Since my physician used to work at a government hospital, I did not think this would be much of an issue.  During my physical, I went over each section with him and he ordered all the necessary tests.  I was to return a few days later to pick up the lab results, x-rays, EKG printout, etc.  When I went back, everything was there, but he had neglected to fill out the form in it's entirety, and I had to have his nurse track him down to fill in the few remaining spaces.  I'm glad I did.

This process was painfully repeated for every family member, reminding them not to overlook this test or that test and double checking to make sure it was filled out correctly.  Even so, some things slipped through the cracks, and Medical requested that our oldest child go back in to give more blood to take care of a few tests that had not been ordered!

We finally received our clearances, but not without quite a bit of sweat.

LESSON LEARNED: If you are not having your examinations done at State, do not assume that your personal care physician will automatically do it correctly.  Familiarize yourself with the form and the required tests (for each family member) BEFORE your appointment, and verify that each test was ordered and completed and the results and observations entered correctly on the form!

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Wednesday, April 13, 2011

How I passed the FSOA (Foreign Service Oral Assessment) - part 3

The final piece of my preparations involved getting mentally tuned into the OA.  My 'new' job had helped me develop my people, negotiation, and case management skills, but I needed to channel these skills and experiences into a format that was practical for the OA.

In the Yahoo! FSOA Group, there is a collection of practice exercises for each section of the OA.  I live in a somewhat remote location and the nearest other FS candidate (that I know of) is several hours away, so becoming involved in one of the Study Groups was impractical.  For the GE portion, I felt confident in my negotiation skills, and decided to focus primarily on presentation and timing.  To do this I downloaded and printed the sample GE Exercises, and using a timer, went through the entire package, one project at a time, working up and giving a presentation for each one.  Doing this repeatedly for multiple projects enabled me to get a good feel for the timeframes involved and to quickly pick out pertinent information.

For the CM section, I likewise was comfortable with my own case management skills, but needed to concentrate on the timeframes.  Similarly, I downloaded and printed several of the CM Exercises, and worked through each one with a timer.  To establish a baseline, I reviewed previously submitted samples after writing my own memo to compare and contrast with my own, examining the strengths and weaknesses of both.  I also connected with a fellow candidate (who was testing in the same window) and we exchanged and critiqued each others memos.  By comparing my own submission with those submitted by others I was able to easily see the strengths and weaknesses of each memo, including my own.  I reviewed the sample material and thought about how I might have done better.  By doing this I was felt confident in my ability to separate the essential and important nuggets of information from the filler material.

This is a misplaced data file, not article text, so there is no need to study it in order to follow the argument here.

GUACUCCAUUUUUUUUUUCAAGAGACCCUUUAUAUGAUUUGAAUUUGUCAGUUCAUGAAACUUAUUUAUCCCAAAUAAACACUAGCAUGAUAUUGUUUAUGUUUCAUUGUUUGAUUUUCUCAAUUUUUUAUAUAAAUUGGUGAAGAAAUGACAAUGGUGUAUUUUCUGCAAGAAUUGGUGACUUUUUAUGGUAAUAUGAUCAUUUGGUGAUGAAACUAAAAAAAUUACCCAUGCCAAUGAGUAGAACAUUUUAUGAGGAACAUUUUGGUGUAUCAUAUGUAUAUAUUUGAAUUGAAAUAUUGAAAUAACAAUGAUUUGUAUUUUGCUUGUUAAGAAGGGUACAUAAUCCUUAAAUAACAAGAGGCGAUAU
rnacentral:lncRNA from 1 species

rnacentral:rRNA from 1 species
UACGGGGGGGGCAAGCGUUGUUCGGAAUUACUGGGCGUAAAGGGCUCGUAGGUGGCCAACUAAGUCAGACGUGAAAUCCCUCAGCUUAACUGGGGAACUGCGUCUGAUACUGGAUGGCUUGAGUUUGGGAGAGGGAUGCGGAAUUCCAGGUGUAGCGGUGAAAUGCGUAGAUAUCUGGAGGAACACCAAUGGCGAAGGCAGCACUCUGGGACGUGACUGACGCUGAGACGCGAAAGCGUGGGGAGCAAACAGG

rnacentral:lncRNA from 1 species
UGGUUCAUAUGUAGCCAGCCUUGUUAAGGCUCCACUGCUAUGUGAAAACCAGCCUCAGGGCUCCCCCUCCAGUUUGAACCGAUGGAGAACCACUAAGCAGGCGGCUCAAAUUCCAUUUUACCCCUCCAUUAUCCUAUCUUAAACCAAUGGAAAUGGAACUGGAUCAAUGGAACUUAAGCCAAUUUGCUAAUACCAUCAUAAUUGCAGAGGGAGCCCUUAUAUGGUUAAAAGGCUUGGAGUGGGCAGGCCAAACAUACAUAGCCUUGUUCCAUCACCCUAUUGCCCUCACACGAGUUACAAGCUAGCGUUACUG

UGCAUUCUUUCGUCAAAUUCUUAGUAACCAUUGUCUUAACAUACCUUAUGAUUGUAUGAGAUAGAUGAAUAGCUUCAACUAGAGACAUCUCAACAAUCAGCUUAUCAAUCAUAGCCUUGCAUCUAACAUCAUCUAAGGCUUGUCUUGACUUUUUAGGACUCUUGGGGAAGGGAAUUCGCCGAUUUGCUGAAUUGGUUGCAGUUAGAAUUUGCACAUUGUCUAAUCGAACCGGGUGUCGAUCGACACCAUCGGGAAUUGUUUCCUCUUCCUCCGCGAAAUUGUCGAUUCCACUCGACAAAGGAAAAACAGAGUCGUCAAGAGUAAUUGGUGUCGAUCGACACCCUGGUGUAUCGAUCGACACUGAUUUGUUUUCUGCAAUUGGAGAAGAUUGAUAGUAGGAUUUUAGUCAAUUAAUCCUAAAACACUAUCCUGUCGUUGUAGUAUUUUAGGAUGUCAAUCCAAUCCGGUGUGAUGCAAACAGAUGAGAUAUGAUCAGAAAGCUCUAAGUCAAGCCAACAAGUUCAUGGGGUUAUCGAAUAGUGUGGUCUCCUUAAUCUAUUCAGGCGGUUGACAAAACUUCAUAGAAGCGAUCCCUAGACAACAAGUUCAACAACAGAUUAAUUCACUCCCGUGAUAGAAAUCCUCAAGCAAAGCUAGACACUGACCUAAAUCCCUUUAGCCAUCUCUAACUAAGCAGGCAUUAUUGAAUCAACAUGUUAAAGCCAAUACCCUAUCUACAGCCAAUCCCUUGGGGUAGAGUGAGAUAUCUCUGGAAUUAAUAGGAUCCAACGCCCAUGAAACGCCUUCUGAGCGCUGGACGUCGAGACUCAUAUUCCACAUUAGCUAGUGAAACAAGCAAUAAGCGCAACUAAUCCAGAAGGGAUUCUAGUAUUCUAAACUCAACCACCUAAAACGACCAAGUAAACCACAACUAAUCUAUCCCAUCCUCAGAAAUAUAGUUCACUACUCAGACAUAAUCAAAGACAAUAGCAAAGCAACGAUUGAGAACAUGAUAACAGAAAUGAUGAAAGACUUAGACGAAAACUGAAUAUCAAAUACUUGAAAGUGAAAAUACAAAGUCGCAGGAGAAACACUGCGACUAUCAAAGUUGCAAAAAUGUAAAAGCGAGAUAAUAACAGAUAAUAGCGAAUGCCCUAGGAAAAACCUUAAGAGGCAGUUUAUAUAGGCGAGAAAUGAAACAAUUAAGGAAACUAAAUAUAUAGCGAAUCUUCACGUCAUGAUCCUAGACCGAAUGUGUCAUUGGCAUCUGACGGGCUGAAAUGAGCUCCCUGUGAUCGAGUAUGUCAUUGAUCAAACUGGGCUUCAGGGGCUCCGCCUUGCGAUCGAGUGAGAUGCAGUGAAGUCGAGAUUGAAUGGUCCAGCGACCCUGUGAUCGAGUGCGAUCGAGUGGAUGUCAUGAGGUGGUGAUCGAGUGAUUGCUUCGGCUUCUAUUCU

I believe that practicing in this way for the CM and GE gave me the extra edge I needed to pass.  Without it, I might have done alright, but I would have lacked focus.

In preparing for the SI, it is difficult to set a baseline for my own experience, so I spent a fair amount of time contemplating why I wanted to get into the FS.  My initial SOI (Statement of Interest) was stilted and impersonal, and some very good friends gave me some hard advice and I ended up rewriting it from scratch and going in a completely new direction with it.  I hated this, but am glad that they encouraged me to do so.  The final iteration really 'fit' and I was glad that I had put the blood, sweat, and tears into it.

I also spent time going through the 'practice questions' on the FSOA Group board until I had a collections of answers/stories for each question.  The 13-Ds were reviewed and I felt satisfied that I could answer questions on each dimension.

Lastly, I reviewed my notes taken as I worked through The EQ Edge (which I highly recommend each candidate consider doing) and reviewed the job descriptions of the career tracks to establish a point of reference for the hypotheticals.

Although it sounds as though I invested a great deal of time into the preparatory process, it generally was less than an hour a day for 3-4 weeks before my OA--probably 20 to 25 hours overall.  As I mentioned before, I may have done alright without it, but the focus and confidence was critical to my success, and well worth the effort!